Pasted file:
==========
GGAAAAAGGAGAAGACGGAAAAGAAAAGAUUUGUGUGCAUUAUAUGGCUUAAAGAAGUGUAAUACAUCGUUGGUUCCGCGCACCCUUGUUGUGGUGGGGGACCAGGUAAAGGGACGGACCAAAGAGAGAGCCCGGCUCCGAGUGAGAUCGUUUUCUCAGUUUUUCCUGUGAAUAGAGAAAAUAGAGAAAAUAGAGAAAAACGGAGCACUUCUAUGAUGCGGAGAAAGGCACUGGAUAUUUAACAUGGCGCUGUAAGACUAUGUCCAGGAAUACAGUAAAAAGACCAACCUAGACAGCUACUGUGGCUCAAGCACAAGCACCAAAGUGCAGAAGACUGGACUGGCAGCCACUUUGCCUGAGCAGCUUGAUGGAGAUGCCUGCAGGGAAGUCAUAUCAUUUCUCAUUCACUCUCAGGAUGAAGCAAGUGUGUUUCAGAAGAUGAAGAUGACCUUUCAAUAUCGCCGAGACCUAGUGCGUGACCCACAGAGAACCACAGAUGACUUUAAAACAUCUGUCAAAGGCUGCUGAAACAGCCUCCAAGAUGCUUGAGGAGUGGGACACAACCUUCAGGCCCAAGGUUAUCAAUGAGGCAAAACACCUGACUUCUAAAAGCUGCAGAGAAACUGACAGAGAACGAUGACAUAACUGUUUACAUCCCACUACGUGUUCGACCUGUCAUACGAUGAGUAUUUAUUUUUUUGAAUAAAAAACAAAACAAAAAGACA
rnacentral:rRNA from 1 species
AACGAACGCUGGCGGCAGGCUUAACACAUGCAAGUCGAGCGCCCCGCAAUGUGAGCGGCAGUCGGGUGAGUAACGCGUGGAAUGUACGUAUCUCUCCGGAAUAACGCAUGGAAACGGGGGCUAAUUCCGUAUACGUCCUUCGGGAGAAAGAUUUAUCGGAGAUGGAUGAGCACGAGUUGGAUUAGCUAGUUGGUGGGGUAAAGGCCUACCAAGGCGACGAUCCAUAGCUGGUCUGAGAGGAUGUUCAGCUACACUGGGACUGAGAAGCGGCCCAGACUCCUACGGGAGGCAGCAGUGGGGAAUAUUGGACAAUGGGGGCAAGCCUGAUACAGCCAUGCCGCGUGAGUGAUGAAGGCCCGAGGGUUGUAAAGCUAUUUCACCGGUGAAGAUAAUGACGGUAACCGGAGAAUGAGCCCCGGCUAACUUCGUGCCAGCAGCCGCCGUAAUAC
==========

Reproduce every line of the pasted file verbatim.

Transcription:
GGAAAAAGGAGAAGACGGAAAAGAAAAGAUUUGUGUGCAUUAUAUGGCUUAAAGAAGUGUAAUACAUCGUUGGUUCCGCGCACCCUUGUUGUGGUGGGGGACCAGGUAAAGGGACGGACCAAAGAGAGAGCCCGGCUCCGAGUGAGAUCGUUUUCUCAGUUUUUCCUGUGAAUAGAGAAAAUAGAGAAAAUAGAGAAAAACGGAGCACUUCUAUGAUGCGGAGAAAGGCACUGGAUAUUUAACAUGGCGCUGUAAGACUAUGUCCAGGAAUACAGUAAAAAGACCAACCUAGACAGCUACUGUGGCUCAAGCACAAGCACCAAAGUGCAGAAGACUGGACUGGCAGCCACUUUGCCUGAGCAGCUUGAUGGAGAUGCCUGCAGGGAAGUCAUAUCAUUUCUCAUUCACUCUCAGGAUGAAGCAAGUGUGUUUCAGAAGAUGAAGAUGACCUUUCAAUAUCGCCGAGACCUAGUGCGUGACCCACAGAGAACCACAGAUGACUUUAAAACAUCUGUCAAAGGCUGCUGAAACAGCCUCCAAGAUGCUUGAGGAGUGGGACACAACCUUCAGGCCCAAGGUUAUCAAUGAGGCAAAACACCUGACUUCUAAAAGCUGCAGAGAAACUGACAGAGAACGAUGACAUAACUGUUUACAUCCCACUACGUGUUCGACCUGUCAUACGAUGAGUAUUUAUUUUUUUGAAUAAAAAACAAAACAAAAAGACA
rnacentral:rRNA from 1 species
AACGAACGCUGGCGGCAGGCUUAACACAUGCAAGUCGAGCGCCCCGCAAUGUGAGCGGCAGUCGGGUGAGUAACGCGUGGAAUGUACGUAUCUCUCCGGAAUAACGCAUGGAAACGGGGGCUAAUUCCGUAUACGUCCUUCGGGAGAAAGAUUUAUCGGAGAUGGAUGAGCACGAGUUGGAUUAGCUAGUUGGUGGGGUAAAGGCCUACCAAGGCGACGAUCCAUAGCUGGUCUGAGAGGAUGUUCAGCUACACUGGGACUGAGAAGCGGCCCAGACUCCUACGGGAGGCAGCAGUGGGGAAUAUUGGACAAUGGGGGCAAGCCUGAUACAGCCAUGCCGCGUGAGUGAUGAAGGCCCGAGGGUUGUAAAGCUAUUUCACCGGUGAAGAUAAUGACGGUAACCGGAGAAUGAGCCCCGGCUAACUUCGUGCCAGCAGCCGCCGUAAUAC